Major milestones for Enviroschools Northland
The Enviroschools programme in Northland has celebrated one of its most successful years, with nine of the region’s Enviroschools – including the first kindergarten – achieving major milestones.
Enviroschools is a ‘whole school’ approach to sustainability which is about student-driven action for designing and creating sustainable schools, ecosystems, local neighbourhoods and beyond. The popular national programme is largely funded locally by the Northland Regional Council.
Regional Enviroschools Co-ordinator Susan Karels says two Northland schools – Kaitaia’s Oturu School and Whangarei’s Ruakaka School – reached the prestigious ‘Green-Gold’ status during 2013. (Only a fraction of Enviroschools achieve that status annually and it represented as the culmination of several years of involvement in the programme for Oturu and Ruakaka. The two joined Mangakahia Area and Whangarei Heads Schools, which became Green-Gold in 2011 and 2012 respectively.)
Meanwhile, Oromahoe and Umawera Schools became Silver Enviroschools, joining six other Northland schools that are currently at the Silver stage.
Four Northland schools achieved the Bronze stage in 2013 – Kokopu School, Okaihau Primary School, Otaika Valley School and Parua Bay School.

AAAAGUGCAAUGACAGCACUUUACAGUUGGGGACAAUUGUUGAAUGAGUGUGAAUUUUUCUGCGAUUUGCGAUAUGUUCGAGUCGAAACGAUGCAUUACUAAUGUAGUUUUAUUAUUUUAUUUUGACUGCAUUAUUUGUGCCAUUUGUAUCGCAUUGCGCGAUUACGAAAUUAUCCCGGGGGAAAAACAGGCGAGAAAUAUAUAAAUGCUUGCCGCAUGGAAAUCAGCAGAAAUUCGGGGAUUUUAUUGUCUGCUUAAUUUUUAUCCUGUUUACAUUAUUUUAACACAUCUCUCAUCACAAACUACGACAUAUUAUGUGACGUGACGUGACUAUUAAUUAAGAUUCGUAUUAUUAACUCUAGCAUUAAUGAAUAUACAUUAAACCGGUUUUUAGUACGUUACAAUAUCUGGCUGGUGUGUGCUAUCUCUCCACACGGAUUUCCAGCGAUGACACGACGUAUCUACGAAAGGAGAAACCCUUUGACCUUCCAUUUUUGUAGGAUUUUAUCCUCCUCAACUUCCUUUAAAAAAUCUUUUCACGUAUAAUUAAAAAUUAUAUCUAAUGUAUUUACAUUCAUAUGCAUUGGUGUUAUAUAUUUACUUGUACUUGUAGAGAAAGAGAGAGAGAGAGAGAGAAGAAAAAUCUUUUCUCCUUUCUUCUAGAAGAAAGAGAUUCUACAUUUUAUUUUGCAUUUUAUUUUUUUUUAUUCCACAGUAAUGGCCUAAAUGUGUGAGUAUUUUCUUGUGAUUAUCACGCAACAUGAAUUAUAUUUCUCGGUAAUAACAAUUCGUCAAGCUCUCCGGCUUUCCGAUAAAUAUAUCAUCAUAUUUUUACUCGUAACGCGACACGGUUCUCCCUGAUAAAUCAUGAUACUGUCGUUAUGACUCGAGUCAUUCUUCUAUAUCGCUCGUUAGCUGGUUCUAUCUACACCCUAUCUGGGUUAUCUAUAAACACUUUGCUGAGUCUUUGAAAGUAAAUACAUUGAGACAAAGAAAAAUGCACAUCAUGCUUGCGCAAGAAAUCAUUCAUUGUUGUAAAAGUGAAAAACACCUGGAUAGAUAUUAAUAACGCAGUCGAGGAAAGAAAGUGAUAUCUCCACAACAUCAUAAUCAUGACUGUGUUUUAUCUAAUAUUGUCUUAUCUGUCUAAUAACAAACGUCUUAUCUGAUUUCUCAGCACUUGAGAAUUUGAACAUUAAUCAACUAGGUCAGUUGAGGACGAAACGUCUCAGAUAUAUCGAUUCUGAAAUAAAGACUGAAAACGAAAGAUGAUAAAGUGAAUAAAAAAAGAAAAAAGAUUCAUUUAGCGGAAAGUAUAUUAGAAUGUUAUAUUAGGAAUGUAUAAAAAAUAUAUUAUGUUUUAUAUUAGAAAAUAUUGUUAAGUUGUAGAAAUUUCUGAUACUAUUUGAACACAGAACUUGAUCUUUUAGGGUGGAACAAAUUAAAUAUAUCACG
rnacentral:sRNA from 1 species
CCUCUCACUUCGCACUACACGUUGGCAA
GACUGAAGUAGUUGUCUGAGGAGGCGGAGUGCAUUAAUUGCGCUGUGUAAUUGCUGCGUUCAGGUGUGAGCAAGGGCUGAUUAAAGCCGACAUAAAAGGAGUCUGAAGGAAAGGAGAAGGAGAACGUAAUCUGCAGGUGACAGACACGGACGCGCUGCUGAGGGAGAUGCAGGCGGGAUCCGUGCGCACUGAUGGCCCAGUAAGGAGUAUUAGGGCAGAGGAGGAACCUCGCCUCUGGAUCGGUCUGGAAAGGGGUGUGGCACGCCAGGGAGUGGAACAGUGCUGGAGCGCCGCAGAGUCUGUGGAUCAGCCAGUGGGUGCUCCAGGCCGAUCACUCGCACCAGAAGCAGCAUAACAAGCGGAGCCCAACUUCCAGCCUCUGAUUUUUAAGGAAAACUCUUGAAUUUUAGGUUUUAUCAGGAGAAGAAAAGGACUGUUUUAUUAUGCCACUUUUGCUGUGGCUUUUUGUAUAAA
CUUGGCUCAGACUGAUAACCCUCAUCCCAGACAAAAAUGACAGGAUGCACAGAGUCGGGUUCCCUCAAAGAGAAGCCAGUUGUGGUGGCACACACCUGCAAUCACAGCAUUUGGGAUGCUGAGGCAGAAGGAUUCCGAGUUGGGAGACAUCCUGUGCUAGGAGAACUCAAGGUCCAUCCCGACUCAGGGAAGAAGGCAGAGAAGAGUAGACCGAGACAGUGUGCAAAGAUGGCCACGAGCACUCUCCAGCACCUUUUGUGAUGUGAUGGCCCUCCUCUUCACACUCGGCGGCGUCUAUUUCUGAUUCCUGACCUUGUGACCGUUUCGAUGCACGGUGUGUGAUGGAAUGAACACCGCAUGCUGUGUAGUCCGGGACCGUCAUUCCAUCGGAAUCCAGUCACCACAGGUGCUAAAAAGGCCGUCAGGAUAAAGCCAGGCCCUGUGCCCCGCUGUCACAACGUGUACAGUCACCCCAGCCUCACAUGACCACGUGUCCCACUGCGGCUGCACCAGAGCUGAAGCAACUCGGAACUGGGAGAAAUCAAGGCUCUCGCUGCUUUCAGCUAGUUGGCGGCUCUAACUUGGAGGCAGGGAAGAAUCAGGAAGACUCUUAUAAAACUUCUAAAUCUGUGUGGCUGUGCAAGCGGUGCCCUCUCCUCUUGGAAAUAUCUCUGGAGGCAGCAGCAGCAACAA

Also attaining the Bronze stage in 2013 was Comrie Park Kindergarten in Whangarei, Northland’s first Enviroschools kindergarten.
Mrs Karels says 72 Northland schools – nearly half of all those in the region – and three kindergartens are now in the Enviroschools programme, which the regional council introduced to Northland in 2003.
“Schools that include sustainability in their programmes play a significant role in creating sustainable communities. Students become role models of sustainable practices, teachers amongst their families and peers, and future leaders who understand how to make informed decisions and take action,” says Mrs Karels.
“They learn skills that they can put to good use throughout their lives – leadership, decision-making and planning, co-operation and developing partnerships.”
Mrs Karels noted that Oturu School is different from many other Enviroschools in that a far greater proportion of its work through the programme has revolved around sustainable businesses. (Examples included beekeeping/honey manufacture, traditional medicinal balm production, making soap, oil and other olive products and selling value-added goods made from the eggs, vegetables and fruit it harvests.)
Among Ruakaka School’s sustainability initiatives are the student ‘power police’ who saved the school hundreds of dollars last year by auditing its electricity use twice-daily and encouraging people to switch off unnecessary lighting and other equipment. Other students fill a similar role auditing waste and encouraging recycling and the school also has its own productive beehive, chickens and edible gardens.
“In addition to the direct benefits, involvement in the Enviroschools Programme leads to other positive outcomes. Increased pride and appreciation and greater involvement in the environment boosts positive behaviour and strengthens the connections between schools and their local communities,” says Mrs Karels.